Saturday, July 8, 2017

Three Films Make A Post: One Man's Quest is Another Man's Destiny

Innerspace (1987): Remember when they were still giving Joe Dante quite a lot of money to make his films? In theory, this one’s a pretty mainstream SF comedy starring the always excellent Dennis Quaid and the surprisingly un-annoying Martin Short and a pretty wasted in the role Meg Ryan, showing off a lot of neat effects. In practice, Dante lets things increasingly drift from mild wackiness into outright insanity (with slapstick) until an incredible scene of Kevin McCarthy and Wendy Schaal being shrunk to half size and trying to operate a coin phone becomes rather par for the course. It’s also so well timed most of Dante’s flights of craziness (of course all swathed in a big yet never intrusive dollop of movie quotes and film love because this is Dante, after all) are outrageously funny, and I say that as someone who has only a marginal tolerance for slapstick.

And by the by, hidden under what looks like a film that’s about an effeminate guy finding his inner macho, this is rather a movie about a guy breaking out of a grey life to find what he loves. Among other things.

Fright Night Part 2 (1988): At the time, Tommy Lee Wallace’s sequel to the rightfully beloved horror comedy didn’t get too much love as far as I can remember, but from my chair in 2017, it does look rather good. I like how much it works as an actual sequel that often cleverly plays with elements of the first film instead of just repeating them; I also love the cast with William Ragsdale and Roddy McDowell returning to their roles with relish, guys like Brian Thompson and Jon Gries getting space to do their respective things; how Traci Lind’s girlfriend character actually turns into the heroine of the piece for half an hour or so; how bizarre – and probably totally normal for the late 80s Julie Carmen’s outfits and hair are; how many silly and fun ideas are packed into the film. And last but not least, how good the film is at being funny (and damn, is it ever funny) while still keeping the horror parts of the film exciting.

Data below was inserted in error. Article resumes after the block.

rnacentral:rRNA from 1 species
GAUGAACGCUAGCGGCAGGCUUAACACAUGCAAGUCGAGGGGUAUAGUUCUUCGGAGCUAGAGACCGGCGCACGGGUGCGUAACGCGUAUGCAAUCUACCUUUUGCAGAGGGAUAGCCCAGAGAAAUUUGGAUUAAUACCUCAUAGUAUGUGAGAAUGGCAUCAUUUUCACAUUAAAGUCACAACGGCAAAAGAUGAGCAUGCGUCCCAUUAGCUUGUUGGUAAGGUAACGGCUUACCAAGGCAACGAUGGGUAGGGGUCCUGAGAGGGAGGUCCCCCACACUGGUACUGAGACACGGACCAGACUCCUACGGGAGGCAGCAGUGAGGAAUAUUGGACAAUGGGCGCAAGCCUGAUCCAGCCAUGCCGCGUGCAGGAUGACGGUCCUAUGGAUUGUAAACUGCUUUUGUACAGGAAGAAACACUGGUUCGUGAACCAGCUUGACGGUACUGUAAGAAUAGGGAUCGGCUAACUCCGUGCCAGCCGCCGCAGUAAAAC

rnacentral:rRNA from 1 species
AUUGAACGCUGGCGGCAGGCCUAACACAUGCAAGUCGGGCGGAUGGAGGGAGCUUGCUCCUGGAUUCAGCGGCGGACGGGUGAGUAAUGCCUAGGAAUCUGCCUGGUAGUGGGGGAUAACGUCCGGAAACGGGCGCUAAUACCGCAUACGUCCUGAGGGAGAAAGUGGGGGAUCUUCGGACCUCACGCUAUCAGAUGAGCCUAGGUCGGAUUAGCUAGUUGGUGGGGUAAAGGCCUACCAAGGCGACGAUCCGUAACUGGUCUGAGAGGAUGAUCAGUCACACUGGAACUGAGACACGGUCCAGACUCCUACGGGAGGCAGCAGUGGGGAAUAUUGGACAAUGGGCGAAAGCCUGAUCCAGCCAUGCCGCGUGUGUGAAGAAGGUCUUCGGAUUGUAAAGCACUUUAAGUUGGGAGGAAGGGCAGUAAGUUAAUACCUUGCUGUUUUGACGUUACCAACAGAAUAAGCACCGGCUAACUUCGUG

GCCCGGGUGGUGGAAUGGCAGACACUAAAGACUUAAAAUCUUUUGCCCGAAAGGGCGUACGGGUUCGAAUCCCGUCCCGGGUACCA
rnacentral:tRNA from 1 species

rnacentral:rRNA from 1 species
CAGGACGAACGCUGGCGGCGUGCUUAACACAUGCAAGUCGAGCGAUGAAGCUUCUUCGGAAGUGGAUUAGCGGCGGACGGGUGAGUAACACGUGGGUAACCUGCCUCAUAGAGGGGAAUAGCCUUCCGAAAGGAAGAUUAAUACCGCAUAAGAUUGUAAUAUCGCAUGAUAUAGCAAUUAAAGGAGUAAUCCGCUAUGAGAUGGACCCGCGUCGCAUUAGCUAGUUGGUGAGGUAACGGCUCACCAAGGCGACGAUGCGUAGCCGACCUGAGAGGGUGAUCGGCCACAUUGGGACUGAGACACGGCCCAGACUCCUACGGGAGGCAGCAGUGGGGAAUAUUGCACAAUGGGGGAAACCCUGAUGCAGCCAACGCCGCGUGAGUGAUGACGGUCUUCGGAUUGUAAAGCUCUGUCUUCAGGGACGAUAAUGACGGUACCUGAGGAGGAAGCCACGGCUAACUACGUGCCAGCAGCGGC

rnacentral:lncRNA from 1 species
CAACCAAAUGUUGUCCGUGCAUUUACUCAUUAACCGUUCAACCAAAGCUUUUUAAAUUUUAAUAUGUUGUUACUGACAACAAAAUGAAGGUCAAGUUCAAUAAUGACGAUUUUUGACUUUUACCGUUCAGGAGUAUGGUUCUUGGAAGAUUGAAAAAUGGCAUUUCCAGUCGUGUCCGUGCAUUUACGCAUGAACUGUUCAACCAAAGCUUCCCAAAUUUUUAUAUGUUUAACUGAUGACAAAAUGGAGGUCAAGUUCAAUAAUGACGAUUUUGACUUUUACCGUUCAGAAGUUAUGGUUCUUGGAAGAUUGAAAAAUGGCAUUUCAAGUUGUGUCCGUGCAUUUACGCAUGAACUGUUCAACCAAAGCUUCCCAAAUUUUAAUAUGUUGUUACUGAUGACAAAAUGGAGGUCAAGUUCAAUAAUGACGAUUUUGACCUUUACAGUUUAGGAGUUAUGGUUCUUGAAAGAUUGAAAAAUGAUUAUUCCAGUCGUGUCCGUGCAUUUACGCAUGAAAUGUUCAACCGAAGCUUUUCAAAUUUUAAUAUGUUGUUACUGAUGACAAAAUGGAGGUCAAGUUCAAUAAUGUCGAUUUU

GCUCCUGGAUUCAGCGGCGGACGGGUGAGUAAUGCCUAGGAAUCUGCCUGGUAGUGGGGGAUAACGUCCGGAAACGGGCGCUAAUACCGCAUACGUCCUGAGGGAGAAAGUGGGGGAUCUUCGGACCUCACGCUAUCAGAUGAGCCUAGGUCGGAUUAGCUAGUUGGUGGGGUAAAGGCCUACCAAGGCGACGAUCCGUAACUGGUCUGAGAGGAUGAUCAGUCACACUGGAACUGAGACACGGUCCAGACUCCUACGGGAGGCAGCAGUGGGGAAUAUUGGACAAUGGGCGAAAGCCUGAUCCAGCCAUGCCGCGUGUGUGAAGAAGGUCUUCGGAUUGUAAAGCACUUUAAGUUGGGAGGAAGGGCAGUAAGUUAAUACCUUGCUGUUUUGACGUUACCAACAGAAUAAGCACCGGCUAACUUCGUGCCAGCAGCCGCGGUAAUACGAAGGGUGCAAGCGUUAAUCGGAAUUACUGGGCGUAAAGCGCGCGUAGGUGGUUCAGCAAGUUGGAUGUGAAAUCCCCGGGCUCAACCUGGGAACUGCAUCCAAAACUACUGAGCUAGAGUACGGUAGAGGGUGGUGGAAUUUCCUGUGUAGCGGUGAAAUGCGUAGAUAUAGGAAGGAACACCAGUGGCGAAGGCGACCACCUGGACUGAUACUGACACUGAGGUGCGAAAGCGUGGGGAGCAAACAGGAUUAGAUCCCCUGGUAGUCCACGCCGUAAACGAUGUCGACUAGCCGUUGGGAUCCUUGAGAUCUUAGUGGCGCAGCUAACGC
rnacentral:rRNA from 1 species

Mind over Murder (1979): This is a very neat little thriller/horror film made for US TV in the prime era for this sort of thing. It starts like an Eyes of Laura Mars style clairvoyant versus killer movie, with vision sequences that make creative and pretty trippy use of slow motion and frozen images but turns into something that feels as close to a 70s exploitation horror movie as you probably could get away with on TV in this era, with secret horror hero Andrew Prine making great, creepy use of his experience playing crazy people in some of said exploitation films, suggestions of a nice bit of depravity (with charming moments like Prine asking the heroine if she wants him to “make love” to her or kill her first while shirtlessly preening in front of her). It’s tight, features the obligatory asshole boyfriend for our heroine Deborah Raffin, and shows its director Ivan Nagy as doing really inventive work in the aesthetic framework of a 70s TV movie.

No comments: